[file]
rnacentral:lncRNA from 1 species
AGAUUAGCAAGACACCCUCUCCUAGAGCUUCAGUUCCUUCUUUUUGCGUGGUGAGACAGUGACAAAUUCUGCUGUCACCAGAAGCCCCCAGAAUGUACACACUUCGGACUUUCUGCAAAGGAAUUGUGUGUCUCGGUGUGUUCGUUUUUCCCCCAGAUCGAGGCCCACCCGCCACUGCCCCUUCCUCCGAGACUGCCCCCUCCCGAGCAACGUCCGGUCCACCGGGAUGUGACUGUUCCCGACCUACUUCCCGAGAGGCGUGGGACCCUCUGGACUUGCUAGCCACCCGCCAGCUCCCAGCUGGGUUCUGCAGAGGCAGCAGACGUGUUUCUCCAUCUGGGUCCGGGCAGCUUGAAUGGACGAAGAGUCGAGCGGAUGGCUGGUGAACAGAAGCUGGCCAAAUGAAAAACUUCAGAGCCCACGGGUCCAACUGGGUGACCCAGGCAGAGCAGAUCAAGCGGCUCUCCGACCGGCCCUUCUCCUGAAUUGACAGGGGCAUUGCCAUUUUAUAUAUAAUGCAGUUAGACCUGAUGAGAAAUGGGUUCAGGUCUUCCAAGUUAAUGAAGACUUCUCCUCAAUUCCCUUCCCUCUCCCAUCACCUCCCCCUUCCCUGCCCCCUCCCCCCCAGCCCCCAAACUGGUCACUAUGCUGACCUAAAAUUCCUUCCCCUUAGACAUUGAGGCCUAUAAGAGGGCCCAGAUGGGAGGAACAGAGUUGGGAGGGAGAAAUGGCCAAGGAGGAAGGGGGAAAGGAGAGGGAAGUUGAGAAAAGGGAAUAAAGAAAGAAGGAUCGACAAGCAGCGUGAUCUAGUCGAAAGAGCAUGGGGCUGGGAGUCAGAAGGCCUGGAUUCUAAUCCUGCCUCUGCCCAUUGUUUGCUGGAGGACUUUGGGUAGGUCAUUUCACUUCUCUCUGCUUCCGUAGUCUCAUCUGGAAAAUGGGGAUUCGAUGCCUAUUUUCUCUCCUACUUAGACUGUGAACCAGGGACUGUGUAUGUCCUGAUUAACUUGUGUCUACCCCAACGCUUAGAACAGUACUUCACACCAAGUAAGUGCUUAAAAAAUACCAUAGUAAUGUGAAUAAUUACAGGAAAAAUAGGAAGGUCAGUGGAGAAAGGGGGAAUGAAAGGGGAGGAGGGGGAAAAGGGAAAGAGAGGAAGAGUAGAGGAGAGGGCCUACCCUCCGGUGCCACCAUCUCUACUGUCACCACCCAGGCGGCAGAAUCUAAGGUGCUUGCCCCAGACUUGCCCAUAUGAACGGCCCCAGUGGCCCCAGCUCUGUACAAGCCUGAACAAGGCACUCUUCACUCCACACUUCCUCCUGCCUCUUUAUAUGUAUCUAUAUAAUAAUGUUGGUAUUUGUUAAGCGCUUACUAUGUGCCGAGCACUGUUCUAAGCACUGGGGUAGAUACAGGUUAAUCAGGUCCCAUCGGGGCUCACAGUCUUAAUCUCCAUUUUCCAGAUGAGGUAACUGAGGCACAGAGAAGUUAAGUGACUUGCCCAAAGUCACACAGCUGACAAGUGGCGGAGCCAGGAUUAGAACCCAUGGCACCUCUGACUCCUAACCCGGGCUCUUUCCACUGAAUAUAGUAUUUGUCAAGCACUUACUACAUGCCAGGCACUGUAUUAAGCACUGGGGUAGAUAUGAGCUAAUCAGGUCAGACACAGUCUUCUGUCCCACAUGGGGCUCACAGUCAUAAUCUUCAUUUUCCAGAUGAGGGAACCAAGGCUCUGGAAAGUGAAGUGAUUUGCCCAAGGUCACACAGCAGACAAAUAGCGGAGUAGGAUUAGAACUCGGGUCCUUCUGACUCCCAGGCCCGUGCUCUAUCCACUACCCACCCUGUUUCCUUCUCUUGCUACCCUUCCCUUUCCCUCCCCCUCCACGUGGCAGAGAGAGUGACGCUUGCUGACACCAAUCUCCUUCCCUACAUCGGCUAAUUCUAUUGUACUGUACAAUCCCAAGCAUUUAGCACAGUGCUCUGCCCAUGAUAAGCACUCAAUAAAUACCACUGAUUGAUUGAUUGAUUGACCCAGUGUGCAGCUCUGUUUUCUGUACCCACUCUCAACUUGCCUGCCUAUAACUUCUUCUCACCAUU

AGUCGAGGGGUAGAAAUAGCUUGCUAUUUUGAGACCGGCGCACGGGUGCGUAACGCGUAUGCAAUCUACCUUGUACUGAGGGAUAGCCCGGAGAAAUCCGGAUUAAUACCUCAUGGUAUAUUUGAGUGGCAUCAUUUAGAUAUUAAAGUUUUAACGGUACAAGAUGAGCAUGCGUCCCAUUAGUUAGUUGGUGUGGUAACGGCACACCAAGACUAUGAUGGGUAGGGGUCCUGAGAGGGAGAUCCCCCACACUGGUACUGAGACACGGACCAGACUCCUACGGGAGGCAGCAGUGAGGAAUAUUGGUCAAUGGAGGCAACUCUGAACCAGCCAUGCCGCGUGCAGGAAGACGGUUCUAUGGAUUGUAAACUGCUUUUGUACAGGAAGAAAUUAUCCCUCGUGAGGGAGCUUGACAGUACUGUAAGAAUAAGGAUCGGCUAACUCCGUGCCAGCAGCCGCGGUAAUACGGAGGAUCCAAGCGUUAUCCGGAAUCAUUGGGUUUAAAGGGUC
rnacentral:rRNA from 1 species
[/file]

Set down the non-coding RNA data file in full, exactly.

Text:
rnacentral:lncRNA from 1 species
AGAUUAGCAAGACACCCUCUCCUAGAGCUUCAGUUCCUUCUUUUUGCGUGGUGAGACAGUGACAAAUUCUGCUGUCACCAGAAGCCCCCAGAAUGUACACACUUCGGACUUUCUGCAAAGGAAUUGUGUGUCUCGGUGUGUUCGUUUUUCCCCCAGAUCGAGGCCCACCCGCCACUGCCCCUUCCUCCGAGACUGCCCCCUCCCGAGCAACGUCCGGUCCACCGGGAUGUGACUGUUCCCGACCUACUUCCCGAGAGGCGUGGGACCCUCUGGACUUGCUAGCCACCCGCCAGCUCCCAGCUGGGUUCUGCAGAGGCAGCAGACGUGUUUCUCCAUCUGGGUCCGGGCAGCUUGAAUGGACGAAGAGUCGAGCGGAUGGCUGGUGAACAGAAGCUGGCCAAAUGAAAAACUUCAGAGCCCACGGGUCCAACUGGGUGACCCAGGCAGAGCAGAUCAAGCGGCUCUCCGACCGGCCCUUCUCCUGAAUUGACAGGGGCAUUGCCAUUUUAUAUAUAAUGCAGUUAGACCUGAUGAGAAAUGGGUUCAGGUCUUCCAAGUUAAUGAAGACUUCUCCUCAAUUCCCUUCCCUCUCCCAUCACCUCCCCCUUCCCUGCCCCCUCCCCCCCAGCCCCCAAACUGGUCACUAUGCUGACCUAAAAUUCCUUCCCCUUAGACAUUGAGGCCUAUAAGAGGGCCCAGAUGGGAGGAACAGAGUUGGGAGGGAGAAAUGGCCAAGGAGGAAGGGGGAAAGGAGAGGGAAGUUGAGAAAAGGGAAUAAAGAAAGAAGGAUCGACAAGCAGCGUGAUCUAGUCGAAAGAGCAUGGGGCUGGGAGUCAGAAGGCCUGGAUUCUAAUCCUGCCUCUGCCCAUUGUUUGCUGGAGGACUUUGGGUAGGUCAUUUCACUUCUCUCUGCUUCCGUAGUCUCAUCUGGAAAAUGGGGAUUCGAUGCCUAUUUUCUCUCCUACUUAGACUGUGAACCAGGGACUGUGUAUGUCCUGAUUAACUUGUGUCUACCCCAACGCUUAGAACAGUACUUCACACCAAGUAAGUGCUUAAAAAAUACCAUAGUAAUGUGAAUAAUUACAGGAAAAAUAGGAAGGUCAGUGGAGAAAGGGGGAAUGAAAGGGGAGGAGGGGGAAAAGGGAAAGAGAGGAAGAGUAGAGGAGAGGGCCUACCCUCCGGUGCCACCAUCUCUACUGUCACCACCCAGGCGGCAGAAUCUAAGGUGCUUGCCCCAGACUUGCCCAUAUGAACGGCCCCAGUGGCCCCAGCUCUGUACAAGCCUGAACAAGGCACUCUUCACUCCACACUUCCUCCUGCCUCUUUAUAUGUAUCUAUAUAAUAAUGUUGGUAUUUGUUAAGCGCUUACUAUGUGCCGAGCACUGUUCUAAGCACUGGGGUAGAUACAGGUUAAUCAGGUCCCAUCGGGGCUCACAGUCUUAAUCUCCAUUUUCCAGAUGAGGUAACUGAGGCACAGAGAAGUUAAGUGACUUGCCCAAAGUCACACAGCUGACAAGUGGCGGAGCCAGGAUUAGAACCCAUGGCACCUCUGACUCCUAACCCGGGCUCUUUCCACUGAAUAUAGUAUUUGUCAAGCACUUACUACAUGCCAGGCACUGUAUUAAGCACUGGGGUAGAUAUGAGCUAAUCAGGUCAGACACAGUCUUCUGUCCCACAUGGGGCUCACAGUCAUAAUCUUCAUUUUCCAGAUGAGGGAACCAAGGCUCUGGAAAGUGAAGUGAUUUGCCCAAGGUCACACAGCAGACAAAUAGCGGAGUAGGAUUAGAACUCGGGUCCUUCUGACUCCCAGGCCCGUGCUCUAUCCACUACCCACCCUGUUUCCUUCUCUUGCUACCCUUCCCUUUCCCUCCCCCUCCACGUGGCAGAGAGAGUGACGCUUGCUGACACCAAUCUCCUUCCCUACAUCGGCUAAUUCUAUUGUACUGUACAAUCCCAAGCAUUUAGCACAGUGCUCUGCCCAUGAUAAGCACUCAAUAAAUACCACUGAUUGAUUGAUUGAUUGACCCAGUGUGCAGCUCUGUUUUCUGUACCCACUCUCAACUUGCCUGCCUAUAACUUCUUCUCACCAUU

AGUCGAGGGGUAGAAAUAGCUUGCUAUUUUGAGACCGGCGCACGGGUGCGUAACGCGUAUGCAAUCUACCUUGUACUGAGGGAUAGCCCGGAGAAAUCCGGAUUAAUACCUCAUGGUAUAUUUGAGUGGCAUCAUUUAGAUAUUAAAGUUUUAACGGUACAAGAUGAGCAUGCGUCCCAUUAGUUAGUUGGUGUGGUAACGGCACACCAAGACUAUGAUGGGUAGGGGUCCUGAGAGGGAGAUCCCCCACACUGGUACUGAGACACGGACCAGACUCCUACGGGAGGCAGCAGUGAGGAAUAUUGGUCAAUGGAGGCAACUCUGAACCAGCCAUGCCGCGUGCAGGAAGACGGUUCUAUGGAUUGUAAACUGCUUUUGUACAGGAAGAAAUUAUCCCUCGUGAGGGAGCUUGACAGUACUGUAAGAAUAAGGAUCGGCUAACUCCGUGCCAGCAGCCGCGGUAAUACGGAGGAUCCAAGCGUUAUCCGGAAUCAUUGGGUUUAAAGGGUC
rnacentral:rRNA from 1 species